Then we took our seats in the church and the children sang a song about the Ark, and Hallelujah and one in which they had to jump up and down for Jesus.
I can't remember ever feeling so uncertain about what's comic, what's serious.
Evolution is magical but devoid of heroes.
You can't say to your child "Evolution loves you.
" The story stinks of extinction and nothing exciting happens for centuries.
I didn't have a wonderful story for my child and she was beaming.
All the way home in the car she sang the songs, occasionally standing up for Jesus.
There was nothing to do but drive, ride it out, sing along in silence.

Written by Wystan Hugh (W H) Auden |

On the Circuit

Among pelagian travelers,
Lost on their lewd conceited way
To Massachusetts, Michigan,
Miami or L.
An airborne instrument I sit,
Predestined nightly to fulfill
Unfathomable will,
By whose election justified,
I bring my gospel of the Muse
To fundamentalists, to nuns,
to Gentiles and to Jews,
And daily, seven days a week,
Before a local sense has jelled,
From talking-site to talking-site
Am jet-or-prop-propelled.
Though warm my welcome everywhere,
I shift so frequently, so fast,
I cannot now say where I was
The evening before last,
Unless some singular event
Should intervene to save the place,
A truly asinine remark,
A soul-bewitching face,
Or blessed encounter, full of joy,
Unscheduled on the Giesen Plan,
With, here, an addict of Tolkien,
There, a Charles Williams fan.
Since Merit but a dunghill is,
I mount the rostrum unafraid:
Indeed, 'twere damnable to ask
If I am overpaid.
Spirit is willing to repeat
Without a qualm the same old talk,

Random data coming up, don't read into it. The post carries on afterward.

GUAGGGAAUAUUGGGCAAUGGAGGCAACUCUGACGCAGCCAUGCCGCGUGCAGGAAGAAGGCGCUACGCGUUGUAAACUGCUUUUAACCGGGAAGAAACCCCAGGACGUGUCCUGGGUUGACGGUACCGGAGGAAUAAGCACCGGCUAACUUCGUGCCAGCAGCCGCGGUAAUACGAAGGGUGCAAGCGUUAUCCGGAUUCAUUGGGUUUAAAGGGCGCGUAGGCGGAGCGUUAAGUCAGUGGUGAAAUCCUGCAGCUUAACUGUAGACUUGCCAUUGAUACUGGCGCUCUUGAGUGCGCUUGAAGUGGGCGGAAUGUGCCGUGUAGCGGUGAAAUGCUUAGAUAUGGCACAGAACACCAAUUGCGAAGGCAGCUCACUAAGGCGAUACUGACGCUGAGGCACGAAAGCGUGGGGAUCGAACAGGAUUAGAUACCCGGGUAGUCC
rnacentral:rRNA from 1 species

But Flesh is homesick for our snug
Apartment in New York.
A sulky fifty-six, he finds
A change of mealtime utter hell,
Grown far too crotchety to like
A luxury hotel.
The Bible is a goodly book
I always can peruse with zest,
But really cannot say the same
For Hilton's Be My Guest.
Nor bear with equanimity
The radio in students' cars,
Muzak at breakfast, or--dear God!--
Girl-organists in bars.
Then, worst of all, the anxious thought,
Each time my plane begins to sink
And the No Smoking sign comes on:
What will there be to drink?
Is this a milieu where I must
How grahamgreeneish! How infra dig!
Snatch from the bottle in my bag
An analeptic swig?

Another morning comes: I see,
Dwindling below me on the plane,
The roofs of one more audience
I shall not see again.
God bless the lot of them, although
I don't remember which was which:
God bless the U.
, so large,
So friendly, and so rich.

Written by The Bible |

Gods Mercy

“As a father shows mercy to his sons,
Jehovah has shown mercy to those fearing him.
For he himself well knows the formation of us, Remembering that we are dust.
103:13, 14.
“If errors were what you watch, O Jah, O Jehovah, who could stand? For there is the true forgiveness with you, In order that you may be feared.
I have hoped, O Jehovah, my soul has hoped, And for his word I have waited.

Written by The Bible |

Proverbs 2:1-7

If you will receive God's words
And treasure all His commands
Being attentive to godly wisdom,
He'll be your shield from harm
If you raise your voice for understanding
And cry out for godly insight
Longing for godly direction,
Each and every day of your life,
And if you seek for God's wisdom
As for treasure that is hidden
Then you will know the fear of the Lord
And have His knowledge within.

Scripture Poem © Copyright Of M.

Written by The Bible |

Philippians 4: 13

I have strength for all things
Through Christ who empowers me,
I'm ready for anything that comes my way
Even what I may not foresee
For it is Christ who infuses me
Strengthening me in His might
And I am sufficient in His sufficiency
With the power of Christ inside.

Scripture Poem © Copyright Of M.